This week EduMais made it into the Dutch newspaper Het Algemeen Dagblad with a story about the Serious Design Course that we did during the summer camp in January.
Here you can find the link to the Dutch version of the article. Below a translated version of the article about these special 4 weeks we had with the teenagers and the people of Games of Health.
A group of Dutch video game experts visited the Brazilian slums to teach children how to make their own games. Can game design help kids that live in one of the most notorious slums in the world?
The heat is sweltering in Rio de Janeiro. Along the beaches and boulevards of Copacabana and Ipanema shine the shiny glass of skyscrapers and office buildings, but on top of the hills in the favelas it is a different story. These are the slums, notorious for their crime and poverty, where millions of Brazilians must hold their own every day. The police don’t like to come there; order is maintained by drugs gangs armed to the teeth. Outsiders rarely show themselves here. It is not a tourist attraction.
Fortunately, Jurriaan van Rijswijk (52) has a local guide and host. “When we met someone with a gun, my guide immediately said: ‘Ele é um professor.'” In other words: ‘Don’t shoot, this man is a teacher. He’s teaching my daughter.’ Jurriaan is allowed to continue. He is temporarily part of the community, a teacher with a special field. “We are here to teach children how to make a video game.”
Jurriaan arrived in Rio de Janeiro with his wife Sandra (51) and two colleagues, game expert Rob Tieben (39) and game designer Menno van Pelt-Deen (35). They are all part of Games for Health Europe, a foundation that Jurriaan and Sandra founded to promote gaming techniques in healthcare. Normally they are involved in projects such as games for rehabilitation programs – education in the third world is an exception.
“It started when we happened to come into contact with Diana Nijboer, the founder of the EduMais Foundation,” Jurriaan explains. Nijboer’s foundation specializes in education in the favelas. “Diana was looking for people who wanted to give practical lessons. We wanted to help, but we make games. Then that would be our subject.”
The plan? Travel to Brazil for a month to organize a course there. Nijboer used her local contacts for the organization and accommodation, while Jurriaan’s foundation made its own contacts in the local game world. Did they want to be guest lecturers? “Brazil is a huge country and has its own game industry. Some developers come from the favelas themselves, they were immediately interested.” The experiment would begin in early January.
For Jurriaan, Sandra, Rob and Menno it was not the first time that they were in front of the classroom. Jurriaan: “We have already given lessons in game design, in Dutch prisons and in Suriname. But this program in Brazil was the most extensive version.” That’s because this time Jurriaan and his colleagues focused not only on the students, but also on future teachers. “We not only wanted to teach children, but also teach young people how to teach themselves. That is why we involved ‘trainers’, young people who can continue this course.”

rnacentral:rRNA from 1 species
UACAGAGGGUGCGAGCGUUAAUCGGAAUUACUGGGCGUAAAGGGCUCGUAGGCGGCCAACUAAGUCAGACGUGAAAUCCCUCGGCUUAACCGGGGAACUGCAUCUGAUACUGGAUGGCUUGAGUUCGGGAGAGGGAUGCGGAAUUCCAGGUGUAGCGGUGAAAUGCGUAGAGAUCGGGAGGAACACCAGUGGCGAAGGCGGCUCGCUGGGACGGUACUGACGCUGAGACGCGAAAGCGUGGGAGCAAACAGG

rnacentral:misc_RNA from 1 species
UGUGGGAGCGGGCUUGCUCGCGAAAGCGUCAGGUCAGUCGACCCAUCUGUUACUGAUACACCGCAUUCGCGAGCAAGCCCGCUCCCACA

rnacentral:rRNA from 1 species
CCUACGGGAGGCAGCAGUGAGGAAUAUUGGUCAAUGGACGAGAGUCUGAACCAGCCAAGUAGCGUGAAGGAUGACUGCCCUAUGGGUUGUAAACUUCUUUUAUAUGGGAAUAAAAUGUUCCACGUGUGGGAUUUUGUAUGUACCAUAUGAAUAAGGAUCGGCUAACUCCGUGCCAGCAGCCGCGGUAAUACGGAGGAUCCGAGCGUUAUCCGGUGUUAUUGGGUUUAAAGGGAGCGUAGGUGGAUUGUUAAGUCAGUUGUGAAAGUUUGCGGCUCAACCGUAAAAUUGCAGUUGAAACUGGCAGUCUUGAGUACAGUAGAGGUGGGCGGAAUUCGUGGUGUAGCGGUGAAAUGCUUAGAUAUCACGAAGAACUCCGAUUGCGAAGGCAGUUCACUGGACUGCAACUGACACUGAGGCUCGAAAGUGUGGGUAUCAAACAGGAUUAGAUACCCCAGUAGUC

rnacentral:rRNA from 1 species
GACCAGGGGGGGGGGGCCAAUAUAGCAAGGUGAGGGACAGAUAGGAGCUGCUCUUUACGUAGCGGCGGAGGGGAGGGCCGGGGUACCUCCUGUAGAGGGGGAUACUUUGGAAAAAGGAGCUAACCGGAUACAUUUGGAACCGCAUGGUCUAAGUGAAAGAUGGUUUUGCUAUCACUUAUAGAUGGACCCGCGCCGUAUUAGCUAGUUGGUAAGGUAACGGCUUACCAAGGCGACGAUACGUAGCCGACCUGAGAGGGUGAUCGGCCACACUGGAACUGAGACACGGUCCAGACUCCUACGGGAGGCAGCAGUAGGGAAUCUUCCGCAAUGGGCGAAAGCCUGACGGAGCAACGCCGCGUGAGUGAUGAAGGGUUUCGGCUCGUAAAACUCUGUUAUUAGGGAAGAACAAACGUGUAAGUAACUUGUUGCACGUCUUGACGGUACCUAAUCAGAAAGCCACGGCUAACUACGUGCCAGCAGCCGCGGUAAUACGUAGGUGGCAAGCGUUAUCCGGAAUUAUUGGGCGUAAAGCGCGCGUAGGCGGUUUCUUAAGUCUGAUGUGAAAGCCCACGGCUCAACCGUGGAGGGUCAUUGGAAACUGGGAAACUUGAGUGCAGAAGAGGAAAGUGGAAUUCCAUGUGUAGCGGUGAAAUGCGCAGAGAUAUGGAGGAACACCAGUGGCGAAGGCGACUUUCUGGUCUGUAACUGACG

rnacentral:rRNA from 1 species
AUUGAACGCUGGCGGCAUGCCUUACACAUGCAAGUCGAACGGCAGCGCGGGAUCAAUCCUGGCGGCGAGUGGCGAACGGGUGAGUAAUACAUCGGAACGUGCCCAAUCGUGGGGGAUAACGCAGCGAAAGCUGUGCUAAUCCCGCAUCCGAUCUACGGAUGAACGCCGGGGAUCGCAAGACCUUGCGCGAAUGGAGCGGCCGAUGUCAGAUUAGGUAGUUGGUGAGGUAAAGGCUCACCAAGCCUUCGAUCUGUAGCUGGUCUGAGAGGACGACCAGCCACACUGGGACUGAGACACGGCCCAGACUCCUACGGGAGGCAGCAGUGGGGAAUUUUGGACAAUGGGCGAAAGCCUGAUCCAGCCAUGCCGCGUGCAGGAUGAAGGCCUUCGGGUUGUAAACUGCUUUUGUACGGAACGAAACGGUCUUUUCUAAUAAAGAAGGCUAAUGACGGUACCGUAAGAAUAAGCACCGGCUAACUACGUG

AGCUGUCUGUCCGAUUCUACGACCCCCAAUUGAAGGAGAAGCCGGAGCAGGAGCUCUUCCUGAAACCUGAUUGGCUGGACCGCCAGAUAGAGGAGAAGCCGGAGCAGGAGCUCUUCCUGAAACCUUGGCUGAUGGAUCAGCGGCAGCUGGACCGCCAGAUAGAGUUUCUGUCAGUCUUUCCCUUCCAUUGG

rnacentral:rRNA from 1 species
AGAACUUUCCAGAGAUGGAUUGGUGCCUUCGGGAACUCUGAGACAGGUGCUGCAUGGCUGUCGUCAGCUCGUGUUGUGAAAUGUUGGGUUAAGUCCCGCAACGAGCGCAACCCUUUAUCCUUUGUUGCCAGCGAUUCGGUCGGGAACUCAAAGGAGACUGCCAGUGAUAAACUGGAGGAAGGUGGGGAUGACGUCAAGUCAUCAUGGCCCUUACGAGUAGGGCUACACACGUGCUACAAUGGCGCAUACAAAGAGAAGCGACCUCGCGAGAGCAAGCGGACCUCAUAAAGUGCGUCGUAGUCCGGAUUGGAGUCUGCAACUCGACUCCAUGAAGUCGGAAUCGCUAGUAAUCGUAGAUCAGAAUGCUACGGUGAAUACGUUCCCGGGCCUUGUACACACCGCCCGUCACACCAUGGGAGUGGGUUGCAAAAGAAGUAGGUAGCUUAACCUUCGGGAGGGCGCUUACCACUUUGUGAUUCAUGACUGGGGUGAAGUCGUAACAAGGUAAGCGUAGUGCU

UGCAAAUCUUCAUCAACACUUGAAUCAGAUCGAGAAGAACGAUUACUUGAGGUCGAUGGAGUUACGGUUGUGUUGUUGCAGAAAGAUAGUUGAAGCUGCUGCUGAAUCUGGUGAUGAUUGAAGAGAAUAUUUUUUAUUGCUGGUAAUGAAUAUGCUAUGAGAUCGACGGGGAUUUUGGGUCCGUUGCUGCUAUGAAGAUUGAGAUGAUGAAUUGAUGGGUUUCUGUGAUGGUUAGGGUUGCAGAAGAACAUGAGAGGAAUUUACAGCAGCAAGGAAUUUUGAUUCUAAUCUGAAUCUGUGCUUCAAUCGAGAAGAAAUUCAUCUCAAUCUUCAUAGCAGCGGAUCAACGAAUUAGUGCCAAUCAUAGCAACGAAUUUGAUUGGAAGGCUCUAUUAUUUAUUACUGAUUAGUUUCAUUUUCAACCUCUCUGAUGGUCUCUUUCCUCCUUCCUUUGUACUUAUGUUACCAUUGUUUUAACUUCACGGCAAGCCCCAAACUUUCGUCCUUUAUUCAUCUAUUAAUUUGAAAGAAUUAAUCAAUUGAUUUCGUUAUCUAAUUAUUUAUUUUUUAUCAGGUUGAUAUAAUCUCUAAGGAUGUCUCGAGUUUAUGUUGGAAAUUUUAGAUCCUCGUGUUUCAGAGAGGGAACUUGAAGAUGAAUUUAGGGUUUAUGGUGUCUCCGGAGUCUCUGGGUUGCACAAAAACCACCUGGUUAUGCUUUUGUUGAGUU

Together with a group of local developers, the Dutch gave children a crash course in game design, from drawing characters to programming the software itself. By the end of the month, they had made their own form of Pac-Man. The yellow animal had been replaced by the children by a doctor who brings corona vaccines. The ghosts became virus bacilli. Not a bad result, but according to Sandra, the project is far from finished: “We are now talking to local organizations. Our goal is that they can help the trainers to teach other children and thus build a new educational trajectory.”
Anyone who thinks of a place like the favelas logically assumes that games are not the highest priority. But according to Jurriaan, that line of thought misses the bigger picture: “The most important thing is that children learn how to use their creativity. Many children can’t or don’t want to program, but game design also means drawing, designing concepts or making lyrics and music.”
Rob Tieben agrees. He wrote a dissertation on applied game theory and sees much of his research in daily practice. “Play is a universal way in which people interact in the world. In the favelas, for example, football is very popular.” Combine that with the resources that are at your fingertips thanks to digital technology such as smartphones, and game design can become a powerful skill. “These children have a lot of life experience and are very inventive. They can figure out a lot themselves, but they need the beginning of a skillset.”
Are those children now full-fledged game developers? No, Rob and Menno explain. “You really don’t learn everything in three weeks,” says Rob, “but you can plant a seed. And they also have computers there with internet. They can develop themselves further. I hope that this course is a starting point from which they can continue themselves. They now know that their work is worth money online. It would be nice if they could earn something with that. And the trainers can repeat this process elsewhere.”
Menno agrees: “It’s not just the children we work with, but also local game developers. They are now involved and would like to stay involved.” He speaks from experience: although this was his first visit to the favelas, he also made educational programs for students and professionals in the game industry over the past decade.
According to him, the real purpose of the visit lies in the future: “You don’t teach the people there things that they can’t teach themselves, but you do help them cross the threshold. You show that a program like this is possible. Now hopefully more organizations and favelas want to participate. Children see that they can make something, and in the long run more projects can come out of it. That’s the difference we made.”